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Budget crisis forces city/county consolidation talks

http://66.225.205.104/JR20100526a.mp3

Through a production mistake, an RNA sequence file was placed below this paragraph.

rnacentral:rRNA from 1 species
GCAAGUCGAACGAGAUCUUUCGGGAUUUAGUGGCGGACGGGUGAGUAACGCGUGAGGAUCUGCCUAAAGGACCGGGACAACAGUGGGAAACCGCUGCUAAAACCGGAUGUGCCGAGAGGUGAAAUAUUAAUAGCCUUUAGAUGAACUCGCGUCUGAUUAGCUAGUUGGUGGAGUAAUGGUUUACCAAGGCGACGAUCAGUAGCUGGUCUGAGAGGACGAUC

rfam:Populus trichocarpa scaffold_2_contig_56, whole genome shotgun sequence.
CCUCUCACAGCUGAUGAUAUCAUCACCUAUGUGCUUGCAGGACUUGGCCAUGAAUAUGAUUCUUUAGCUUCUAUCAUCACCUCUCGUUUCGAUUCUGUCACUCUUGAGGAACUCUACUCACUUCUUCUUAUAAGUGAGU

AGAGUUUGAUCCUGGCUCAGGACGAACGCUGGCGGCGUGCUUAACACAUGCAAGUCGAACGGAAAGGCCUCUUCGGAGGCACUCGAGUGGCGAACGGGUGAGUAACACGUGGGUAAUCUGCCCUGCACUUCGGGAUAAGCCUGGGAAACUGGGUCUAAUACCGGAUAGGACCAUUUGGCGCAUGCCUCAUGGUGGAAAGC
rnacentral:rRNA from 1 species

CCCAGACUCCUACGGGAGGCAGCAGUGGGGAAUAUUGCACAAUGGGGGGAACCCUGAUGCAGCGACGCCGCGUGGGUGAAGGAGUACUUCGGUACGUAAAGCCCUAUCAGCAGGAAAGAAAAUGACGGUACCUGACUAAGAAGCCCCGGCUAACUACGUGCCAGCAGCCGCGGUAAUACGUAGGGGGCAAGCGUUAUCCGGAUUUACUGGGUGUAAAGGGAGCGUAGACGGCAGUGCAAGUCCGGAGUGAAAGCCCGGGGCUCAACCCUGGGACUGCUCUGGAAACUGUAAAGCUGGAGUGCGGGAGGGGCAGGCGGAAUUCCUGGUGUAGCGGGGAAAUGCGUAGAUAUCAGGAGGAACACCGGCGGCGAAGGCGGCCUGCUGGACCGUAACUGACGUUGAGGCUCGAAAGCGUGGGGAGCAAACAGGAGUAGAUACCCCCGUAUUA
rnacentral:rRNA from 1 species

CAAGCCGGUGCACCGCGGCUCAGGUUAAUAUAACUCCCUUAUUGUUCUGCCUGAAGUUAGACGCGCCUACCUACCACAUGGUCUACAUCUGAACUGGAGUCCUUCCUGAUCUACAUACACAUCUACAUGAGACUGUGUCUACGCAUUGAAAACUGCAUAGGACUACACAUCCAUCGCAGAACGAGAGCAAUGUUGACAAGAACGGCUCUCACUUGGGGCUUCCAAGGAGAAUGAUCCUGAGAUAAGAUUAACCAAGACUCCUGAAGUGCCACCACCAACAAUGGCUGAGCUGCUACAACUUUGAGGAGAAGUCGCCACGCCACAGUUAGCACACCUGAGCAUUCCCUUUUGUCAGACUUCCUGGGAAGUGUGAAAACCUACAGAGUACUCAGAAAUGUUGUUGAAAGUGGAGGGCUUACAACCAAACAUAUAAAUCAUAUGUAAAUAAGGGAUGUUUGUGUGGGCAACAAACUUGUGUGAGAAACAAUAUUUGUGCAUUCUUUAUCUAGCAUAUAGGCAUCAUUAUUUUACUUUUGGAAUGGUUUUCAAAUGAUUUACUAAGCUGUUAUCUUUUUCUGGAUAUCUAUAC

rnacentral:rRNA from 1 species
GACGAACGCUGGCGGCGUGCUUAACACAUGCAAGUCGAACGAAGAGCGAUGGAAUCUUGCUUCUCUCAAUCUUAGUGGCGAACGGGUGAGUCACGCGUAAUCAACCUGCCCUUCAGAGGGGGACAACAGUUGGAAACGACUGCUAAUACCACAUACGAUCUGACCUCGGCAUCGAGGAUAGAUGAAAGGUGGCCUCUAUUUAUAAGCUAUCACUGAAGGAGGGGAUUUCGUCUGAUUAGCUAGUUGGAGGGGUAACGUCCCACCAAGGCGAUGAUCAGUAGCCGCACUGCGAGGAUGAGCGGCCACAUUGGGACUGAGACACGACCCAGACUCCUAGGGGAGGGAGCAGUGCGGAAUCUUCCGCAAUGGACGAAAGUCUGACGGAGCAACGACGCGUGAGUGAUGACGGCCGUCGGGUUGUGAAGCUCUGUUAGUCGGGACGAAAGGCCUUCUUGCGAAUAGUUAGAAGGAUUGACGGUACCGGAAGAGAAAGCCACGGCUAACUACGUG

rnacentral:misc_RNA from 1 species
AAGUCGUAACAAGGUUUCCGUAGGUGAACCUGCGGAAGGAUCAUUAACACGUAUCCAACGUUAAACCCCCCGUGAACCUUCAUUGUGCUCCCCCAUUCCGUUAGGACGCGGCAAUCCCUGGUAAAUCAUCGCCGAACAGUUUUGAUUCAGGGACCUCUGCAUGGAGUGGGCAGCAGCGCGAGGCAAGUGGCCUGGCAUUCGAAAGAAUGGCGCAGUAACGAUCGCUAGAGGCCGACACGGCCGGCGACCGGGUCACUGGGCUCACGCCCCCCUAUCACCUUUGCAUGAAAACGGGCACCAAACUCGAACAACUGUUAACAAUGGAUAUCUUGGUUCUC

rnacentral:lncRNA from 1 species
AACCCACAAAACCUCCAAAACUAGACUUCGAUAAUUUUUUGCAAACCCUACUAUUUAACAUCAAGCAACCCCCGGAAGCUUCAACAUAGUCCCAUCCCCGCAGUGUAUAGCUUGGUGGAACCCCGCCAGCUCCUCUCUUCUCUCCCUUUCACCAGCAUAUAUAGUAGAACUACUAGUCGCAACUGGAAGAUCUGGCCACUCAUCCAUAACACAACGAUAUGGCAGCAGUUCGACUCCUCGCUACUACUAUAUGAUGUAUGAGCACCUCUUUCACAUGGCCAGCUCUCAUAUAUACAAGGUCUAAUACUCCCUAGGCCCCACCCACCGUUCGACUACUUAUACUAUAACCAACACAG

Mecklenburg County and the City of Charlotte have separate budgets and responsibilities. Now the top elected officials from both say some of their functions need to be consolidated. That has given new legs to an old discussion about merging the city and county altogether. Talk of consolidation has bubbled up periodically and always petered out. But this time may be different, because the county is scrambling to deal with an $81 million budget shortfall and looking with envy at the city's much smaller $9 million gap. If ever there was a time to get serious about merging, Mecklenburg County Commission Chairwoman Jennifer Roberts says it's now. One reason is the "budget crisis," says Roberts. "(We) don't have the ability to move resources, to think bigger and to really use the resources in best way," says Roberts. Roberts appeared Wednesday on WFAE's Charlotte Talks with a panel of city council members and county commissioners. She and Mayor Anthony Foxx recently sent a memo to both groups urging consolidation of some functions such as permitting, HR and emergency response by MEDIC and fire personnel. But Roberts says the conversation should go beyond that to include a complete consolidation of city and county governments. Traditionally smaller towns in Mecklenburg County have resisted that because their property tax rates are generally much lower than Charlotte's. Charlotte City Councilman Warren Cooksey says a consolidated county government would likely result in slightly lower tax rates for Charlotte residents and slightly higher ones for residents of the towns. "There'd be some equaling out," notes Roberts. Cornelius Mayor Jeff Tarte says he's not opposed to consolidation talks - particularly if it means more efficient government. He's helped businesses merge successfully for years in his business career. "There's no reason it couldn't be done in a public governance structure," says Tarte. "It just wouldn't be an easy thing. And obviously for us in Cornelius, given our financial well-being, we'd be a little more leery of it." Tarte says a major change to tax rates would certainly be a problem for Cornelius residents. But he notes the discussions are still preliminary, and Commissioner Roberts says it would probably be at least five years before any major consolidation could be implemented.